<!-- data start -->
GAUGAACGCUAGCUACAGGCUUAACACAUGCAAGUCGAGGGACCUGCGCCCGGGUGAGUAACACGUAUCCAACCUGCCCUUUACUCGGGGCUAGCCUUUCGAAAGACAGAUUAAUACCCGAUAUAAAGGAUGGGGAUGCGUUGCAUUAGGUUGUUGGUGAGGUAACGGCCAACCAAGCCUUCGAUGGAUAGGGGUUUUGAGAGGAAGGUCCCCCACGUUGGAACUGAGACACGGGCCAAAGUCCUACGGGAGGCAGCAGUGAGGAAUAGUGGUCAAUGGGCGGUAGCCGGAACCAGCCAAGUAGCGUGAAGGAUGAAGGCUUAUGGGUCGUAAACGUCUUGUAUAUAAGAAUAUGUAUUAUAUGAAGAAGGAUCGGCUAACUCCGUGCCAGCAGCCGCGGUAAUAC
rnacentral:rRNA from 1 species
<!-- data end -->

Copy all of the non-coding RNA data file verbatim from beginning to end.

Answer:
GAUGAACGCUAGCUACAGGCUUAACACAUGCAAGUCGAGGGACCUGCGCCCGGGUGAGUAACACGUAUCCAACCUGCCCUUUACUCGGGGCUAGCCUUUCGAAAGACAGAUUAAUACCCGAUAUAAAGGAUGGGGAUGCGUUGCAUUAGGUUGUUGGUGAGGUAACGGCCAACCAAGCCUUCGAUGGAUAGGGGUUUUGAGAGGAAGGUCCCCCACGUUGGAACUGAGACACGGGCCAAAGUCCUACGGGAGGCAGCAGUGAGGAAUAGUGGUCAAUGGGCGGUAGCCGGAACCAGCCAAGUAGCGUGAAGGAUGAAGGCUUAUGGGUCGUAAACGUCUUGUAUAUAAGAAUAUGUAUUAUAUGAAGAAGGAUCGGCUAACUCCGUGCCAGCAGCCGCGGUAAUAC
rnacentral:rRNA from 1 species